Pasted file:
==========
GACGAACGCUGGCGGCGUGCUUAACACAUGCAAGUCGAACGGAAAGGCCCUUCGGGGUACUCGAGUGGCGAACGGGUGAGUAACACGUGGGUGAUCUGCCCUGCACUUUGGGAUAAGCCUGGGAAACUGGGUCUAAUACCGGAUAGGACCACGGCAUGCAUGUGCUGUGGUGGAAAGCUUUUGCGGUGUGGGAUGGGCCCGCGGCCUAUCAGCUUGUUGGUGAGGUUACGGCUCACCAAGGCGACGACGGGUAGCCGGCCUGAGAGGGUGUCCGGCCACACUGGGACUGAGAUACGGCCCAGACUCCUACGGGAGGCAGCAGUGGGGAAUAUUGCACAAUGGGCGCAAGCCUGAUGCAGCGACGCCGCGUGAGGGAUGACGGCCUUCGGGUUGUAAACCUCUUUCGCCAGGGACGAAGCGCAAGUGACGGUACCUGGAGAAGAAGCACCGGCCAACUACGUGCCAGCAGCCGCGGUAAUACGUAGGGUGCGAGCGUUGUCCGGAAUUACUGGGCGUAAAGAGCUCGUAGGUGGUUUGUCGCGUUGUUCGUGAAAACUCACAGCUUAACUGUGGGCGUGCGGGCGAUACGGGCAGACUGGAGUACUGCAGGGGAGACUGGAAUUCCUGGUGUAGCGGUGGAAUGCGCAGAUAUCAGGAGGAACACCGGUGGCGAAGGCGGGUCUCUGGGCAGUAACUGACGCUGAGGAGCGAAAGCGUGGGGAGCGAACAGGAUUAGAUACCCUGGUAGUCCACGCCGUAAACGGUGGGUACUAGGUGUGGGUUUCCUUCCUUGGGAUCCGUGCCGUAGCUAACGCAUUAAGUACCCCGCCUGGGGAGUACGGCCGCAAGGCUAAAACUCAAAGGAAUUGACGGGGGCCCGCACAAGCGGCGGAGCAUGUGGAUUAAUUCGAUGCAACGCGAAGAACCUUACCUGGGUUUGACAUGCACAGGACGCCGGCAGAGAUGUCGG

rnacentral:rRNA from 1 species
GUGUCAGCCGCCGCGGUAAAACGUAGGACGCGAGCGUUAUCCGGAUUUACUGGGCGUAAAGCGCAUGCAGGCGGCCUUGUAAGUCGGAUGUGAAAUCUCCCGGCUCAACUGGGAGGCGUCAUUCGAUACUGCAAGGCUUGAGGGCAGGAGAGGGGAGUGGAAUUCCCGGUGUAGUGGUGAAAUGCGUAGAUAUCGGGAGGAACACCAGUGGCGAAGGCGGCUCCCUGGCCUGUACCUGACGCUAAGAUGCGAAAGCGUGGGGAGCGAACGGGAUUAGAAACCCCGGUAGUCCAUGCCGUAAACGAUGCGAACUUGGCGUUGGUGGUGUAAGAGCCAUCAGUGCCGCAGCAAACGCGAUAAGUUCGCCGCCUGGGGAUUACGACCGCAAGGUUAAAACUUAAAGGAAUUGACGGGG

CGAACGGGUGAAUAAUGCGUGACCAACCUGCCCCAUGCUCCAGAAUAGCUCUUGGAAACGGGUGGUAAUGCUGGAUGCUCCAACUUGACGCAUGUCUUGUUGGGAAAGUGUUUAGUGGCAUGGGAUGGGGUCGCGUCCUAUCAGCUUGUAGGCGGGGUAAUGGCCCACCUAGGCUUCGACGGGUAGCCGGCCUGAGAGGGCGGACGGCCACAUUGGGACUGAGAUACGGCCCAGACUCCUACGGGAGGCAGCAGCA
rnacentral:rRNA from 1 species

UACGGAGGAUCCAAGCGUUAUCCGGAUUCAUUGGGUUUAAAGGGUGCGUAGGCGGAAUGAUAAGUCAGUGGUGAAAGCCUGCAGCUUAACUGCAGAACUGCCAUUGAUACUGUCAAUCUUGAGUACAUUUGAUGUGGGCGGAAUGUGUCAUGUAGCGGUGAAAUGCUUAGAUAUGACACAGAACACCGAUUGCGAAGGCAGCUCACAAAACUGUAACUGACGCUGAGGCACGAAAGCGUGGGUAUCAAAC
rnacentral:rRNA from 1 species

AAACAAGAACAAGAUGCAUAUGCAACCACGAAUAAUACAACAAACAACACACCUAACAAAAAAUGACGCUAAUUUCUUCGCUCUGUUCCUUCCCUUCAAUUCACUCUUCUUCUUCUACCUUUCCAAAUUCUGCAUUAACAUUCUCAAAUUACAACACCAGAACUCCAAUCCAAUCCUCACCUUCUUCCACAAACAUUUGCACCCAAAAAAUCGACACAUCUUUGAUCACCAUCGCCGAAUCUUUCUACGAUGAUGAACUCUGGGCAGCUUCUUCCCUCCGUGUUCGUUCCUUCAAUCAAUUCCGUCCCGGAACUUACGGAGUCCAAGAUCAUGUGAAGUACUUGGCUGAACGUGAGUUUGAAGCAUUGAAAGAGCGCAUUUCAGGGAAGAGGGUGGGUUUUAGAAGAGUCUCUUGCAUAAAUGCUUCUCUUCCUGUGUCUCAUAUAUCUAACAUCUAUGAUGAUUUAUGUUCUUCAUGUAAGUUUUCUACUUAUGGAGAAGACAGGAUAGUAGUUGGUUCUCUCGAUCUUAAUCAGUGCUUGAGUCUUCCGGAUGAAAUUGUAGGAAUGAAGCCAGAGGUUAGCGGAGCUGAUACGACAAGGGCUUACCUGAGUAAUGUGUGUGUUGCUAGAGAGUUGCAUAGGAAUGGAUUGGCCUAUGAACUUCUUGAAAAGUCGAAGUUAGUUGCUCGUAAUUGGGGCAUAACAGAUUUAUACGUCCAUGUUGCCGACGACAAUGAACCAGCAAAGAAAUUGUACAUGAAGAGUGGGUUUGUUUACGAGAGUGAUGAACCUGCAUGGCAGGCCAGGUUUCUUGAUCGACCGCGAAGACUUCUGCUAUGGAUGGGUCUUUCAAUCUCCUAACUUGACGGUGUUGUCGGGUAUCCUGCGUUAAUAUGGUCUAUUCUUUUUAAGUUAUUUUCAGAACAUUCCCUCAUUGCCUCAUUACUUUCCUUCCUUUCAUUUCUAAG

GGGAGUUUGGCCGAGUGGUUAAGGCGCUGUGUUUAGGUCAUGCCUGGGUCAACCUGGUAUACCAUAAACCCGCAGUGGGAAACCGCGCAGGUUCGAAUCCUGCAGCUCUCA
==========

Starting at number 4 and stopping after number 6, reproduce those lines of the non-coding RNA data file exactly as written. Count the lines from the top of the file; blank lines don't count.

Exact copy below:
CGAACGGGUGAAUAAUGCGUGACCAACCUGCCCCAUGCUCCAGAAUAGCUCUUGGAAACGGGUGGUAAUGCUGGAUGCUCCAACUUGACGCAUGUCUUGUUGGGAAAGUGUUUAGUGGCAUGGGAUGGGGUCGCGUCCUAUCAGCUUGUAGGCGGGGUAAUGGCCCACCUAGGCUUCGACGGGUAGCCGGCCUGAGAGGGCGGACGGCCACAUUGGGACUGAGAUACGGCCCAGACUCCUACGGGAGGCAGCAGCA
rnacentral:rRNA from 1 species

UACGGAGGAUCCAAGCGUUAUCCGGAUUCAUUGGGUUUAAAGGGUGCGUAGGCGGAAUGAUAAGUCAGUGGUGAAAGCCUGCAGCUUAACUGCAGAACUGCCAUUGAUACUGUCAAUCUUGAGUACAUUUGAUGUGGGCGGAAUGUGUCAUGUAGCGGUGAAAUGCUUAGAUAUGACACAGAACACCGAUUGCGAAGGCAGCUCACAAAACUGUAACUGACGCUGAGGCACGAAAGCGUGGGUAUCAAAC